Automate the Boring Stuff with CMD

25 years after being introduced to the Windows’ toolkit, CMD still has it. This post collects a couple of every day file manipulation scenarios that can be accomplished with the command-line interpreter.

Windows’ command prompt is a command-line interface for file and process management on Windows. A big deal in the 90’s, today the tool is not overwhelmingly popular among data scientists, or any Windows user for that matter. But this old school tool still proves useful for basic file manipulation. It might not have the capabilities of, say, Python, but in a situation when you cannot use a programming language or you are looking for a challenge, CMD will always be there for you. Recently, I helped a friend automate some tedious copy and paste operations and reduced his workload by days. Our collaboration is documented below, along with some code snippets.

*The title is a reference to the awesome Automate the Boring Stuff with Python by Al Sweigart.

You can also use CMD as a creative outlet | Image source: me

My friend Richard, a food technologist, was burdened with the most mundane task. He needed to rename a bunch of files. He reserved a couple of days for the task: a prerequisite to performing his actual job. The files were supposedly photos, but they had been delivered without any file extension. Any relevant metadata was missing: the file names simply read “Attachement” with a corresponding number. My friend needed these pictures in the right format and under a standardised name to be able to proceed with his technical review.

To work around the problem, Richard designed a manual process relying on the tools he knew best: copy & paste, MS Paint, and MS Excel. He would first open each attachment in MS Paint and save it as a jpeg. He then generated a massive Excel spreadsheet with new file names following a simple convention of Photo-Number-Date. He would then carefully rename the original attachments by copying across the names from the spreadsheet.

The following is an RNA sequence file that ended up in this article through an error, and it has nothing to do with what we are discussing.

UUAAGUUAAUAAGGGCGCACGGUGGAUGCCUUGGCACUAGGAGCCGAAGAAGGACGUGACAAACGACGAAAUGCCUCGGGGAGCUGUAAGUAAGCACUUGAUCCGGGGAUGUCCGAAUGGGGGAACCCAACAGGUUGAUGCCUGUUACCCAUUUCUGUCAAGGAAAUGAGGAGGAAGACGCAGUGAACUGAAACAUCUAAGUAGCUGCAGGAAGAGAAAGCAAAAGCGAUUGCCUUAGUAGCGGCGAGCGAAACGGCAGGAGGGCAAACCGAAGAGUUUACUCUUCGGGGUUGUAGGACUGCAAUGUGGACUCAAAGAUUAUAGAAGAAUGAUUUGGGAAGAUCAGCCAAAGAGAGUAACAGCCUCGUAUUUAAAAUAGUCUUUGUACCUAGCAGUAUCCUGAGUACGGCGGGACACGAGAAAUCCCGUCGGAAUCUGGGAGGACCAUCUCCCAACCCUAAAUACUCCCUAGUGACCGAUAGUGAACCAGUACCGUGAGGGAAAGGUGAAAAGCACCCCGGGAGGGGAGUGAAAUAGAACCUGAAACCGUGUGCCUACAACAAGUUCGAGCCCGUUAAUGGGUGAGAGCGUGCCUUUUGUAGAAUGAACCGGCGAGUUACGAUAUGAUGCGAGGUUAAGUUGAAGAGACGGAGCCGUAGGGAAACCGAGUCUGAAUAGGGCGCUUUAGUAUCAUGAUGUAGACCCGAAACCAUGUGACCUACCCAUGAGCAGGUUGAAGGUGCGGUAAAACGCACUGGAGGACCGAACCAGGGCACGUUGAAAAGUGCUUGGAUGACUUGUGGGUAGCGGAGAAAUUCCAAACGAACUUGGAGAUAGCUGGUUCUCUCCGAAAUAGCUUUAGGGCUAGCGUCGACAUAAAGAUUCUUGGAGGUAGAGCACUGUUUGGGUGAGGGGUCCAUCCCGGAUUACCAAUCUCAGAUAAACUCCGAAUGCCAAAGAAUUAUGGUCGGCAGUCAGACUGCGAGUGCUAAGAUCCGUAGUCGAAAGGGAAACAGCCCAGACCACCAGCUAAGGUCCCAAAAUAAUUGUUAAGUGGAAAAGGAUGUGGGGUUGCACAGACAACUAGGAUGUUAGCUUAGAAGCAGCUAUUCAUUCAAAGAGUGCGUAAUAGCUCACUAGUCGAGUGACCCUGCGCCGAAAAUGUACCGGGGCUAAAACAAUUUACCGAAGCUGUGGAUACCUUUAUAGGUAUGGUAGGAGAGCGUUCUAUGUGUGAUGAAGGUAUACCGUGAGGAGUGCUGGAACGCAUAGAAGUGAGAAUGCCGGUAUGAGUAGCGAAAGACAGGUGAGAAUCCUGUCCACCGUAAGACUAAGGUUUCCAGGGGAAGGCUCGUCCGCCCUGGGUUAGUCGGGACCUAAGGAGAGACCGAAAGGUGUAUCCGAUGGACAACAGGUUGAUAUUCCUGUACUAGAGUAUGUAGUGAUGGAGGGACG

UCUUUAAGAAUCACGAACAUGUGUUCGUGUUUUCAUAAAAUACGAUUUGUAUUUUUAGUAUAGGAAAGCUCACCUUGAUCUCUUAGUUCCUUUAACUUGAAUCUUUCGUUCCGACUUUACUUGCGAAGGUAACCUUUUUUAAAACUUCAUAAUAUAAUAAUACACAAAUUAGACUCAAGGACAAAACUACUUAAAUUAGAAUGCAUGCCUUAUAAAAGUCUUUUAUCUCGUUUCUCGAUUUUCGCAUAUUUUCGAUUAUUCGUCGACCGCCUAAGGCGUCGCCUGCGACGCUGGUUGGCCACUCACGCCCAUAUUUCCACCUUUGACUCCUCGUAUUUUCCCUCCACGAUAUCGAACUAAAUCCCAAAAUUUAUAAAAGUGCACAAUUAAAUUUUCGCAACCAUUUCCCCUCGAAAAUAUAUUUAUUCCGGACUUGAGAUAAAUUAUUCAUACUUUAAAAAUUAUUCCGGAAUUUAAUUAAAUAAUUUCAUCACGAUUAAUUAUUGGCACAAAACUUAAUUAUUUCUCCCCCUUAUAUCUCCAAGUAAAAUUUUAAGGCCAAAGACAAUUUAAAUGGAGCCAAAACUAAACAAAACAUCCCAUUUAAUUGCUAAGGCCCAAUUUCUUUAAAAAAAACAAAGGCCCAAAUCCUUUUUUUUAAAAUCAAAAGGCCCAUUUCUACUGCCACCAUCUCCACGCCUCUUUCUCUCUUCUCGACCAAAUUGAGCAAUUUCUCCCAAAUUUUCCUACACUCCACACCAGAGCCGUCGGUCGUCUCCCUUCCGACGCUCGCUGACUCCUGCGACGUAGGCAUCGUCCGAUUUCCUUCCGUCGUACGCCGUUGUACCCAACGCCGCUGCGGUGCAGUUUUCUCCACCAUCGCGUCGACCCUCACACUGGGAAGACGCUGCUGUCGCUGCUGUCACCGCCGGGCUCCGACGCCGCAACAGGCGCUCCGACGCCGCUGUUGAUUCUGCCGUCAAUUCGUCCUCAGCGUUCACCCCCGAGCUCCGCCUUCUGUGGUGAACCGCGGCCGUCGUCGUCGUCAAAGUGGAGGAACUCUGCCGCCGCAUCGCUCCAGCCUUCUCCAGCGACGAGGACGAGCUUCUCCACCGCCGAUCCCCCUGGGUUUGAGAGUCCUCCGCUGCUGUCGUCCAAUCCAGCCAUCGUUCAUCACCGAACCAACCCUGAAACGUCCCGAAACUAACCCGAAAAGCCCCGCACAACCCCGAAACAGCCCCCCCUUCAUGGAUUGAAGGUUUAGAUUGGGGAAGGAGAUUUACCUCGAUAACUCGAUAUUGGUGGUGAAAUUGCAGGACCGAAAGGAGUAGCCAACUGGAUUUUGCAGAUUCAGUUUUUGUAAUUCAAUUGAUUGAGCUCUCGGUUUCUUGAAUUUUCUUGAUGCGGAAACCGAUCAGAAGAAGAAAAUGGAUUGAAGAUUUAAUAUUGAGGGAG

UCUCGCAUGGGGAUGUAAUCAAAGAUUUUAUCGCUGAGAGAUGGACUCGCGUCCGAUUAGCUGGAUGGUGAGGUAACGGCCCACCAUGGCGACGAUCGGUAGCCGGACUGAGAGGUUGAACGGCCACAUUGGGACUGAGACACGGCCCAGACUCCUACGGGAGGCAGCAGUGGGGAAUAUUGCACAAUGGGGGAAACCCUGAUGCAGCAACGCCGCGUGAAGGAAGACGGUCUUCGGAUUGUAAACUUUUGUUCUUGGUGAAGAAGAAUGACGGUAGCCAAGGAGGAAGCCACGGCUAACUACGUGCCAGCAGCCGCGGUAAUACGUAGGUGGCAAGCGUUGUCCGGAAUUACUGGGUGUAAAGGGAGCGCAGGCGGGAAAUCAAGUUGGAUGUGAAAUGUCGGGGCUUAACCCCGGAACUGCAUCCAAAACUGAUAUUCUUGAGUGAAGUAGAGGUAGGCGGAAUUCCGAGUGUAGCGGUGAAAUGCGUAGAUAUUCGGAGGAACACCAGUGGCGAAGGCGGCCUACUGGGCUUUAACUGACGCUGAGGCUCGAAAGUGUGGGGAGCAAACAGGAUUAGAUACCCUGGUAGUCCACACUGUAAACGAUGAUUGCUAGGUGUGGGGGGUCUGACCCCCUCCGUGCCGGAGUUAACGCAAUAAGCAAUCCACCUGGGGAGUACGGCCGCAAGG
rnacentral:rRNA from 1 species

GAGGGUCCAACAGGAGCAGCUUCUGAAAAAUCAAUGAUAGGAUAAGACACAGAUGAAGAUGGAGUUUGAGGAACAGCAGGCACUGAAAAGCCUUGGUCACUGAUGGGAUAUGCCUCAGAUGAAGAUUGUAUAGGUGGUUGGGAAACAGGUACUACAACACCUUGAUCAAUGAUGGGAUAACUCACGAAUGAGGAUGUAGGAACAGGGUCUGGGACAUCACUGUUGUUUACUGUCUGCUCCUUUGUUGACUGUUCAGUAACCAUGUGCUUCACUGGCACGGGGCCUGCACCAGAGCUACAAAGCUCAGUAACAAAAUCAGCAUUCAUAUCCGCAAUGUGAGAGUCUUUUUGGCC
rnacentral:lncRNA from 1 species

Together we worked on automating this mindbogglingly boring and error-prone task. With the help of a standard Windows’ command line interface we reduced his work effort from a day to a mere minute. CMD is cool, because it comes with every Windows system: unlike Python and R that you need to install and configure first. It’s one click away and it’s not intimidating to get started with. It can be used for operations on files with little “programming” skills. The following list presents some of the scenarios we tackled with Richard – for anyone struggling with a similar problem to reuse.

To use Windows Command Prompt, open the Start menu, type cmd and hit Enter. CMD will come up. Navigate to the folder that contains your files. You can use the cd command, like below:

>cd C:\Myfiles\Received

Importantly, before performing any operations on files, make sure you created a back up copy of the original set.

Let’s start by listing my current files:

>dir /b
photo-1
photo-2
photo-3

We have 3 files with no extensions and meaningless names… Aargh! Let’s fix this.

  1. A solution that adds a file extension
    >ren * *.jpg

    The star symbol * stands for a wildcard, and tells the REN (rename) command to take all files into consideration. The command keeps the current file names and appends .jpg to them.

  2. A solution that changes a file extension
    >ren *.png *.jpg

    All files in the folder with a .png extension will be changed to .jpg.

  3. A solution that appends current date to files
    >ren *.jpg ??????????%DATE%.jpg